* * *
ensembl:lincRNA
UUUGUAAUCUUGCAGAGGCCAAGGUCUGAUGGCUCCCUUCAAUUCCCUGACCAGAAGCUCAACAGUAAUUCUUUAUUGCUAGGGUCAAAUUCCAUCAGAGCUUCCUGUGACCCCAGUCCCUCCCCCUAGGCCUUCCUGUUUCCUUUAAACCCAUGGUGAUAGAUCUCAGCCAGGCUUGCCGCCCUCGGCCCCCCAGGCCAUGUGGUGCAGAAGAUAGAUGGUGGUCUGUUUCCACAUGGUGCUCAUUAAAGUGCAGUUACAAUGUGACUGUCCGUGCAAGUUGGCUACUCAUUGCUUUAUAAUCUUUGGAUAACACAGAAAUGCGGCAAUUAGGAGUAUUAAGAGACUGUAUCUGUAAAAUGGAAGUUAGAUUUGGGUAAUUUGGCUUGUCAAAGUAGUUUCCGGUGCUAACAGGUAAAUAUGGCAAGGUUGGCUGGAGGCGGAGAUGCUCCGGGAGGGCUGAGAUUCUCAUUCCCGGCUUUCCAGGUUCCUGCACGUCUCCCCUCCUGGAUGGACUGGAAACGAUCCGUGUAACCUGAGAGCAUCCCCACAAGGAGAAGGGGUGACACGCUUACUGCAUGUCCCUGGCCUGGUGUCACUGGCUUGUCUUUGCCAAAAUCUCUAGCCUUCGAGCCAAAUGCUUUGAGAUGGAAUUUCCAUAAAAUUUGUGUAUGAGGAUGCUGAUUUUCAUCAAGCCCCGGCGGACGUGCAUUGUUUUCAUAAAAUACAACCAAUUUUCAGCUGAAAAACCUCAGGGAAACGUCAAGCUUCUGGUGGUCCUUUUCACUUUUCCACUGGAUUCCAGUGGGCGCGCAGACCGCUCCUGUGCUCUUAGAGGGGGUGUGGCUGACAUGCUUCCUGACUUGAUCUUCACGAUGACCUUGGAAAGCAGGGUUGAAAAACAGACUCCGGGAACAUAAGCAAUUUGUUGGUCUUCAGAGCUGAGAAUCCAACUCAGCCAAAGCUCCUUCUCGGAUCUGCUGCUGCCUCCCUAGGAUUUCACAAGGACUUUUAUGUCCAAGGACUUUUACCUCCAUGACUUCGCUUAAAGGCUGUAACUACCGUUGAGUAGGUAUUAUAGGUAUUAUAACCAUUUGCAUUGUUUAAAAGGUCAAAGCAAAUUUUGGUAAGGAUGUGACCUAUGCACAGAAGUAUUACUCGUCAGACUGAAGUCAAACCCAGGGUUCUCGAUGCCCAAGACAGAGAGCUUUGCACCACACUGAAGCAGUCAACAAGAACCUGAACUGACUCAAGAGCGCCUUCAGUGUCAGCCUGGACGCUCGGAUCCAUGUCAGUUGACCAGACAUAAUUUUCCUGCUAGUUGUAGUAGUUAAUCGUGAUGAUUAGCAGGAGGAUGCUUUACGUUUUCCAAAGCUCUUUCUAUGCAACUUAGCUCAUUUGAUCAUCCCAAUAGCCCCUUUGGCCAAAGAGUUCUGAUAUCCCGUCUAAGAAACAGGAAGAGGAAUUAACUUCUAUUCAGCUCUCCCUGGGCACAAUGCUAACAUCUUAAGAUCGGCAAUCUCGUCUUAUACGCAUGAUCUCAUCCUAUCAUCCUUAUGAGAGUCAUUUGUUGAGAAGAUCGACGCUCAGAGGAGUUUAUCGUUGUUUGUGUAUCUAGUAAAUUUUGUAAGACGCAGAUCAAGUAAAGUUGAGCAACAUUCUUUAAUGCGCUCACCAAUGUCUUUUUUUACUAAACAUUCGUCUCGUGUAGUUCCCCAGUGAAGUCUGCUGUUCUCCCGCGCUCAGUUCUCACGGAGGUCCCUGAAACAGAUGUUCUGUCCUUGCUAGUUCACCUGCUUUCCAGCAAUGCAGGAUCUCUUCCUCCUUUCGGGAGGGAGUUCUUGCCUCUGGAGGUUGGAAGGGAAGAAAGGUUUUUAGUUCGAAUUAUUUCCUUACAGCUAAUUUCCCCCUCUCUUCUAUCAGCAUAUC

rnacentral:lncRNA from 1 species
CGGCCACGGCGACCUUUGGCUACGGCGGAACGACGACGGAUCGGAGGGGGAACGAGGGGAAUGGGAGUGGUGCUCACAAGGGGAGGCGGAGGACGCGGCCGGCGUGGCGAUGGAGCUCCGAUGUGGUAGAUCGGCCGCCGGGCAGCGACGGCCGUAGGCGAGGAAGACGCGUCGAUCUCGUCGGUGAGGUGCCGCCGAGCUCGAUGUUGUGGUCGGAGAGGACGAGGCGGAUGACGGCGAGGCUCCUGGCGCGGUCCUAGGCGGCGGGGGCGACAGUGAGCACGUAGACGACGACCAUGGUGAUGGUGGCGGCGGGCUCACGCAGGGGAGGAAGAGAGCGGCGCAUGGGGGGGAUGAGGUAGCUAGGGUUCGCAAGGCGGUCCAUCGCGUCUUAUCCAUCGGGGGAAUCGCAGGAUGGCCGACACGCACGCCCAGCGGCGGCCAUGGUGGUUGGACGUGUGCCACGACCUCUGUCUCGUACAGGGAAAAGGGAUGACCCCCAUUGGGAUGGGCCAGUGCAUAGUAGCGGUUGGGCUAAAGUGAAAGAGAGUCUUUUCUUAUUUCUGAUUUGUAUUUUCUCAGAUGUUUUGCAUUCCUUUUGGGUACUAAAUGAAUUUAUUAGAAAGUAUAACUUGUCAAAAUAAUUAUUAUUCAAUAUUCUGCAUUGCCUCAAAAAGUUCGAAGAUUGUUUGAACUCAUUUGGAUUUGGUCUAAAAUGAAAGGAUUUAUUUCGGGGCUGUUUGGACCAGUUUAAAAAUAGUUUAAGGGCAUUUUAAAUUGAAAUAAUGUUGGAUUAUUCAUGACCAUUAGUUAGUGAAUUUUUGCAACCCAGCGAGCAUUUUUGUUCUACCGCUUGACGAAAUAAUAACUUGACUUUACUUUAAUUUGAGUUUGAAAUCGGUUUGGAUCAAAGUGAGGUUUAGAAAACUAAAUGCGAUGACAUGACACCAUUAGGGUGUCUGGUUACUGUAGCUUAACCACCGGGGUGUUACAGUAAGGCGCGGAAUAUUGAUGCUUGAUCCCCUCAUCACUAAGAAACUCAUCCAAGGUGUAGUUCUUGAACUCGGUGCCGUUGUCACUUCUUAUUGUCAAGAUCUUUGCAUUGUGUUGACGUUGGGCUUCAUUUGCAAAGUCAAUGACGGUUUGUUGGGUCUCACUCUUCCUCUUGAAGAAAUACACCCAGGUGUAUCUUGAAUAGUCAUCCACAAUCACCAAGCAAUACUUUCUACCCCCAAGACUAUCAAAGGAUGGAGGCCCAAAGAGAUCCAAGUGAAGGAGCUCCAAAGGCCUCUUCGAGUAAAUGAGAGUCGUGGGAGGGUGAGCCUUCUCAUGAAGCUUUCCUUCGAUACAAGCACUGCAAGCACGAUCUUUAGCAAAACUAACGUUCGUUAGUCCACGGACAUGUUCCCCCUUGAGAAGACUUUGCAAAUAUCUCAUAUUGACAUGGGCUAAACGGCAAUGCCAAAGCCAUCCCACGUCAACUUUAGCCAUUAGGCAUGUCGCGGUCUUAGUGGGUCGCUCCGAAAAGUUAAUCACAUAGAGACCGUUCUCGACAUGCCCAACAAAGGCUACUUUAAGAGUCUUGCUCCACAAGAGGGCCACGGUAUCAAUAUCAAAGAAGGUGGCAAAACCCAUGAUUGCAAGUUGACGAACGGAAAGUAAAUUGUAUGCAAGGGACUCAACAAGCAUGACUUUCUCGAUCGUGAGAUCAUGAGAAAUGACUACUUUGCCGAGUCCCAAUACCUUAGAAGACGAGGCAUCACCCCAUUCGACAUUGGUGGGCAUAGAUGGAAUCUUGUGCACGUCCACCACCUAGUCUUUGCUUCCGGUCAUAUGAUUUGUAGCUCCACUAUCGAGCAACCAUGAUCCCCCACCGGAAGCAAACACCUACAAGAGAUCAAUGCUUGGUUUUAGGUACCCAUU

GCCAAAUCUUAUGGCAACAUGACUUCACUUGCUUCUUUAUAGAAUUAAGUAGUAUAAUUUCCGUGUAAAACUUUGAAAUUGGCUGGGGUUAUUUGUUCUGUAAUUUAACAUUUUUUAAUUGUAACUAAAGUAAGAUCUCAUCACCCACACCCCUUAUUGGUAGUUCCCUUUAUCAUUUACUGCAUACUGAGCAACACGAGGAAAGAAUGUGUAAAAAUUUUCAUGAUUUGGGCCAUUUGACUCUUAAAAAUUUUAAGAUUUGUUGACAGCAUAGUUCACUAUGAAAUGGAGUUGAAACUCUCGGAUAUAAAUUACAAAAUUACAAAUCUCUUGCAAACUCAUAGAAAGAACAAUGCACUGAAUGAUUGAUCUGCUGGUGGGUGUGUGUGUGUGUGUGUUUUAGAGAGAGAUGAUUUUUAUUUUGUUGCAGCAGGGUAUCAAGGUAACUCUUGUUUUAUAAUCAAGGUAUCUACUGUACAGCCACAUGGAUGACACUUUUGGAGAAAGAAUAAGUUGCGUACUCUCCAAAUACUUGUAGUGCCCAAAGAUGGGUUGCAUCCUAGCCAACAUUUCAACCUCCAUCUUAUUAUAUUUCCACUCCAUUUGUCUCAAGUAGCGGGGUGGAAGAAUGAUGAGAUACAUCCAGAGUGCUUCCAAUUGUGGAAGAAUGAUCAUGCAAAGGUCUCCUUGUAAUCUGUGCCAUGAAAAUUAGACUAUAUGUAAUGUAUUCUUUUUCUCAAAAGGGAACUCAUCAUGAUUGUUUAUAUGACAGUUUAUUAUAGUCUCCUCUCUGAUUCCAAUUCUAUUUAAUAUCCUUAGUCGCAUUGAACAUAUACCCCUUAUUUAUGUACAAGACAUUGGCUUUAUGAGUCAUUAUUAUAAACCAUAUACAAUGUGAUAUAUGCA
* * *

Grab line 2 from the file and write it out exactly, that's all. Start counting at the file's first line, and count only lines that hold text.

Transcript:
UUUGUAAUCUUGCAGAGGCCAAGGUCUGAUGGCUCCCUUCAAUUCCCUGACCAGAAGCUCAACAGUAAUUCUUUAUUGCUAGGGUCAAAUUCCAUCAGAGCUUCCUGUGACCCCAGUCCCUCCCCCUAGGCCUUCCUGUUUCCUUUAAACCCAUGGUGAUAGAUCUCAGCCAGGCUUGCCGCCCUCGGCCCCCCAGGCCAUGUGGUGCAGAAGAUAGAUGGUGGUCUGUUUCCACAUGGUGCUCAUUAAAGUGCAGUUACAAUGUGACUGUCCGUGCAAGUUGGCUACUCAUUGCUUUAUAAUCUUUGGAUAACACAGAAAUGCGGCAAUUAGGAGUAUUAAGAGACUGUAUCUGUAAAAUGGAAGUUAGAUUUGGGUAAUUUGGCUUGUCAAAGUAGUUUCCGGUGCUAACAGGUAAAUAUGGCAAGGUUGGCUGGAGGCGGAGAUGCUCCGGGAGGGCUGAGAUUCUCAUUCCCGGCUUUCCAGGUUCCUGCACGUCUCCCCUCCUGGAUGGACUGGAAACGAUCCGUGUAACCUGAGAGCAUCCCCACAAGGAGAAGGGGUGACACGCUUACUGCAUGUCCCUGGCCUGGUGUCACUGGCUUGUCUUUGCCAAAAUCUCUAGCCUUCGAGCCAAAUGCUUUGAGAUGGAAUUUCCAUAAAAUUUGUGUAUGAGGAUGCUGAUUUUCAUCAAGCCCCGGCGGACGUGCAUUGUUUUCAUAAAAUACAACCAAUUUUCAGCUGAAAAACCUCAGGGAAACGUCAAGCUUCUGGUGGUCCUUUUCACUUUUCCACUGGAUUCCAGUGGGCGCGCAGACCGCUCCUGUGCUCUUAGAGGGGGUGUGGCUGACAUGCUUCCUGACUUGAUCUUCACGAUGACCUUGGAAAGCAGGGUUGAAAAACAGACUCCGGGAACAUAAGCAAUUUGUUGGUCUUCAGAGCUGAGAAUCCAACUCAGCCAAAGCUCCUUCUCGGAUCUGCUGCUGCCUCCCUAGGAUUUCACAAGGACUUUUAUGUCCAAGGACUUUUACCUCCAUGACUUCGCUUAAAGGCUGUAACUACCGUUGAGUAGGUAUUAUAGGUAUUAUAACCAUUUGCAUUGUUUAAAAGGUCAAAGCAAAUUUUGGUAAGGAUGUGACCUAUGCACAGAAGUAUUACUCGUCAGACUGAAGUCAAACCCAGGGUUCUCGAUGCCCAAGACAGAGAGCUUUGCACCACACUGAAGCAGUCAACAAGAACCUGAACUGACUCAAGAGCGCCUUCAGUGUCAGCCUGGACGCUCGGAUCCAUGUCAGUUGACCAGACAUAAUUUUCCUGCUAGUUGUAGUAGUUAAUCGUGAUGAUUAGCAGGAGGAUGCUUUACGUUUUCCAAAGCUCUUUCUAUGCAACUUAGCUCAUUUGAUCAUCCCAAUAGCCCCUUUGGCCAAAGAGUUCUGAUAUCCCGUCUAAGAAACAGGAAGAGGAAUUAACUUCUAUUCAGCUCUCCCUGGGCACAAUGCUAACAUCUUAAGAUCGGCAAUCUCGUCUUAUACGCAUGAUCUCAUCCUAUCAUCCUUAUGAGAGUCAUUUGUUGAGAAGAUCGACGCUCAGAGGAGUUUAUCGUUGUUUGUGUAUCUAGUAAAUUUUGUAAGACGCAGAUCAAGUAAAGUUGAGCAACAUUCUUUAAUGCGCUCACCAAUGUCUUUUUUUACUAAACAUUCGUCUCGUGUAGUUCCCCAGUGAAGUCUGCUGUUCUCCCGCGCUCAGUUCUCACGGAGGUCCCUGAAACAGAUGUUCUGUCCUUGCUAGUUCACCUGCUUUCCAGCAAUGCAGGAUCUCUUCCUCCUUUCGGGAGGGAGUUCUUGCCUCUGGAGGUUGGAAGGGAAGAAAGGUUUUUAGUUCGAAUUAUUUCCUUACAGCUAAUUUCCCCCUCUCUUCUAUCAGCAUAUC